Rural Alaskan communities are seeking grant funding to address health risks related to climate change. Associate Professor Micah Hahn from the Institute of Circumpolar Health Studies spoke to Alaska Public Media about her team’s efforts to help communities create climate adaptation strategies.
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Alaska is prepared to handle harsh winter weather, but climate change has triggered a new threat – heat. Micah Hahn with the Institute for Circumpolar Health Studies (ICHS) is teaming with the National Oceanic and Atmospheric Administration’s Alaska branch to develop the state’s first hot weather warning system based on the local temperature threshold.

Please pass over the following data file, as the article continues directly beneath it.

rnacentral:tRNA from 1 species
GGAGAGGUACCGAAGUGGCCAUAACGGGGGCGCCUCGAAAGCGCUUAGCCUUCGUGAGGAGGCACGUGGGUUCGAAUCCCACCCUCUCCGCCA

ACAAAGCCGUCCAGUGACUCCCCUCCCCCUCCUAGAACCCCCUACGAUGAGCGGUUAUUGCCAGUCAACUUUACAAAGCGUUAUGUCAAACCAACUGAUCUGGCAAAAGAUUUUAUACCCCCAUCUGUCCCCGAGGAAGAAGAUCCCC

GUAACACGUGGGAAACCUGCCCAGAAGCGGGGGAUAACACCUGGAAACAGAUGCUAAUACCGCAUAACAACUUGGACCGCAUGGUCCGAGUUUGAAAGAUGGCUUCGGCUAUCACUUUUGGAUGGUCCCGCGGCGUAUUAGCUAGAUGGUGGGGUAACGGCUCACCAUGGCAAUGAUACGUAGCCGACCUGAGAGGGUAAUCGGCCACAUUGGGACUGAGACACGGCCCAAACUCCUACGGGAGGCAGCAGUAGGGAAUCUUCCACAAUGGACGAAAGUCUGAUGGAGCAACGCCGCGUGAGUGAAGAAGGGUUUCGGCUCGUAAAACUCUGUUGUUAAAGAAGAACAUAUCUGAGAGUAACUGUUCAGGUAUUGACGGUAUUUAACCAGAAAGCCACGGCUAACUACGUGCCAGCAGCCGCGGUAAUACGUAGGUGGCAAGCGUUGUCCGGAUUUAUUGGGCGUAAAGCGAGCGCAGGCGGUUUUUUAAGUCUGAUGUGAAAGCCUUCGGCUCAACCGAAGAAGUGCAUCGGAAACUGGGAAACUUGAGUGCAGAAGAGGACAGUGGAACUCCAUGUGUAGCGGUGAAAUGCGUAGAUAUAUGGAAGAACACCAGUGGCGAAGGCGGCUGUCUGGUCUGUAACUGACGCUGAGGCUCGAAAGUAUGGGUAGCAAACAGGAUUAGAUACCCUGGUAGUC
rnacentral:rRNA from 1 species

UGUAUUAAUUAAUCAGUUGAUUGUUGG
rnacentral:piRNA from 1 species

Historically, ticks haven’t been a problem in Alaska. But factors like climate change and tourism have created a welcoming environment for new species that can transmit illnesses to humans. Micah Hahn with the Institute for Circumpolar Health Studies is tracking them. “Our work over the past six years is to understand the baseline–where we are with the ticks that exist in Alaska.”
UAA Associate Professor of Environmental Health Micah Hahn is leading a research project around climate change, health, wildfire smoke and environmental justice in Alaska that recently received a $1.3 million grant from the U.S. Environmental Protection Agency (EPA).
According to results from research led by Micah Hahn, an environmental epidemiologist here at UAA, Alaskans' health starts suffering when temperatures climb to 70 degrees, and that local and state officials should consider policies to respond to heat-related health problems that are expected to increase as the climate continues to warm.